The ultimate dilemma is the proper balance between taxation and welfare. The core of economic ideology is based on it. The alternatives cover the whole spectrum, from no welfare at all to the extreme punishment of wealth and its redistribution. Economics will remain an ideology until this dilemma is resolved.
Western thought is still fundamentally based on traditional British idealism despite the adoption of analytical philosophy, which is now being used as a tool for making precise and logical arguments that incorporate incomprehensible and unverified assumptions, similar to good old scholasticism. On the other side lurks materialism (mainly dialectic). This has been the clash of the early 1900s that lead to the developments of two different economic philosophies and a bastardization in the middle called Socialism, mainly developed in countries with a will to stay neutral and out of this nonsense game, like Sweden for example.
Indeed, (Western) Economics is mostly ideology and behind it hides a will for control (people, resources, ideas, etc.) But to me saying that everything is degree of complexity is also absurd and the basis of the alternative, dialectical materialism (if you wish call it communism), is also absurd as I believe there is something bigger than natural selection and something bigger than rational expectations. The new Economics that will emerge in the future will be based on ethical and self-evident principles that will attempt to distribute resources according to some “golden rule” that will provide the optimum balance between the right to survive and have access to basic facilities and services and the right to be rewarded for contributing to the increase of output. We are far away from establishing some system of this sort and it may take a few more wars until we are forced to accept it and reject the extremes.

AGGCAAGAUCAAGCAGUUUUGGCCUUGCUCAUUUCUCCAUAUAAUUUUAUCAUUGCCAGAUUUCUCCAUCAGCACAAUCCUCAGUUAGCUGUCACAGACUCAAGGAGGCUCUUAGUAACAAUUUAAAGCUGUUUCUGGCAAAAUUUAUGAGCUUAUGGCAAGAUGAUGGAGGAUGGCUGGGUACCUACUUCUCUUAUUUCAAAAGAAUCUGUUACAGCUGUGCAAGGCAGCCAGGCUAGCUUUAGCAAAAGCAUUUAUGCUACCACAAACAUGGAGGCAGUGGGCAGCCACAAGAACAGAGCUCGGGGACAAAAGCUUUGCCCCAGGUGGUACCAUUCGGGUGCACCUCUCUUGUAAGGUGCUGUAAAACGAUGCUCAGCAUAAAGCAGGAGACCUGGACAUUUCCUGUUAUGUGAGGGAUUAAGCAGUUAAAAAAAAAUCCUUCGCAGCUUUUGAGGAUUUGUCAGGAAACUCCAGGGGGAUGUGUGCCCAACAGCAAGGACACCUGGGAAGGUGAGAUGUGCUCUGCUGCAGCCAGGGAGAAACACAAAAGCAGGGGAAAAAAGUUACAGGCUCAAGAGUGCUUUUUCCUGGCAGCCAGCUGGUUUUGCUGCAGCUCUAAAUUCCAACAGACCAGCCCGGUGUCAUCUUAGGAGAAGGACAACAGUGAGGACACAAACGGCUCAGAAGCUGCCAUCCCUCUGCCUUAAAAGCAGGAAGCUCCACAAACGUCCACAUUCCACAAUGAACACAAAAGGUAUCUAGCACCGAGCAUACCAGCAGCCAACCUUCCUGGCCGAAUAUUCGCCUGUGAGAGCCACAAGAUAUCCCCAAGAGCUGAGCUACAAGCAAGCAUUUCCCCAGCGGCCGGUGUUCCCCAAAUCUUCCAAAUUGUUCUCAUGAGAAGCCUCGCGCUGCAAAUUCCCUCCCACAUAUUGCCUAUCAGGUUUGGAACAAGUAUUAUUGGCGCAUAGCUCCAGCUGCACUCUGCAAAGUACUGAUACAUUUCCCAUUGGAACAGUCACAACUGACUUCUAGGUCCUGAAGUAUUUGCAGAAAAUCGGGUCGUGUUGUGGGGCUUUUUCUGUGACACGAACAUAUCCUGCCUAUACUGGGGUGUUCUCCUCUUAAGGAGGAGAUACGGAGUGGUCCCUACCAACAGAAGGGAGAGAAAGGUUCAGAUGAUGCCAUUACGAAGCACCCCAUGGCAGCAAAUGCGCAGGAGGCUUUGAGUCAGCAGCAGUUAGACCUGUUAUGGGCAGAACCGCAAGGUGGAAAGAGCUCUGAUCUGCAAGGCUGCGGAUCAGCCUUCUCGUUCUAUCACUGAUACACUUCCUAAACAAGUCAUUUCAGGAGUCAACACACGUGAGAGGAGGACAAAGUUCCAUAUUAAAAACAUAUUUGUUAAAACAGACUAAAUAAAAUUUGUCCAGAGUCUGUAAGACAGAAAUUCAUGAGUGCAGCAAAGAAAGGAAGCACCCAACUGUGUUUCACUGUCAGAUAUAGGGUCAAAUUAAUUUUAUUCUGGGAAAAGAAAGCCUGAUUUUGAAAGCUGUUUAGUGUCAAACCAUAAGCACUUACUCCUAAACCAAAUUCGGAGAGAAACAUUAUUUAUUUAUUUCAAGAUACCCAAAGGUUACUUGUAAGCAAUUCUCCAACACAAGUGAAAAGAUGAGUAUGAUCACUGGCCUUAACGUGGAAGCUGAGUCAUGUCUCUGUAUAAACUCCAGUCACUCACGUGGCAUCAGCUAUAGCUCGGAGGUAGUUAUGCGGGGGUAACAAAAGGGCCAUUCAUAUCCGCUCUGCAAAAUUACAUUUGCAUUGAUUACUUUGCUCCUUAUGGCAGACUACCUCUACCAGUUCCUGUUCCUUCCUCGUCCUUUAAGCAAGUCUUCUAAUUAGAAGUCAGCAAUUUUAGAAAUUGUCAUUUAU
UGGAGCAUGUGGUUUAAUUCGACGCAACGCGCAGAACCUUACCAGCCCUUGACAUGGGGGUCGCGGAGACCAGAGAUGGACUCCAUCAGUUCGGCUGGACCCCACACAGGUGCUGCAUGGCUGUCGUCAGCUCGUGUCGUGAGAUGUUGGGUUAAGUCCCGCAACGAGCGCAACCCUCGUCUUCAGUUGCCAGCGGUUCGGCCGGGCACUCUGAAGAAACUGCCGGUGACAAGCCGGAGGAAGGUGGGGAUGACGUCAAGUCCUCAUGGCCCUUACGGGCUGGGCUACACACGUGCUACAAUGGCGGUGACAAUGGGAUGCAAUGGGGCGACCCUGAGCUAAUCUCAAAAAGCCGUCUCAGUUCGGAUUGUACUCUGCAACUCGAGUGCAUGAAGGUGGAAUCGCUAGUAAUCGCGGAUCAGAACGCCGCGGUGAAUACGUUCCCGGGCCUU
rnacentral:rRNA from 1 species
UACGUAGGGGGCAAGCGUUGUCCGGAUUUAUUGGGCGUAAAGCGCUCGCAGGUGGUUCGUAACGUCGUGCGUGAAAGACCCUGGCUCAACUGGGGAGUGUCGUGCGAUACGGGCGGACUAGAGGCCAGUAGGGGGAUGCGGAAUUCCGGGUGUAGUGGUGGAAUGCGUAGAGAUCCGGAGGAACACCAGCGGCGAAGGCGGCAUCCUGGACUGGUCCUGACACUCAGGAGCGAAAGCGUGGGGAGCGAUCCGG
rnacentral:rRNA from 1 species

Redistributing wealth via high taxation is an absurd idea because it is a form of punishment of wealth-creation but at the same time a welfare system that provides everything to unemployed (I exclude the incapable because those should be taken care of in all systems) is a way of rewarding the lazy. Where do you draw the line and how do you convince politicians not to take advantage of this dilemma? Before we attack economic ideology, maybe we should first solve this problem.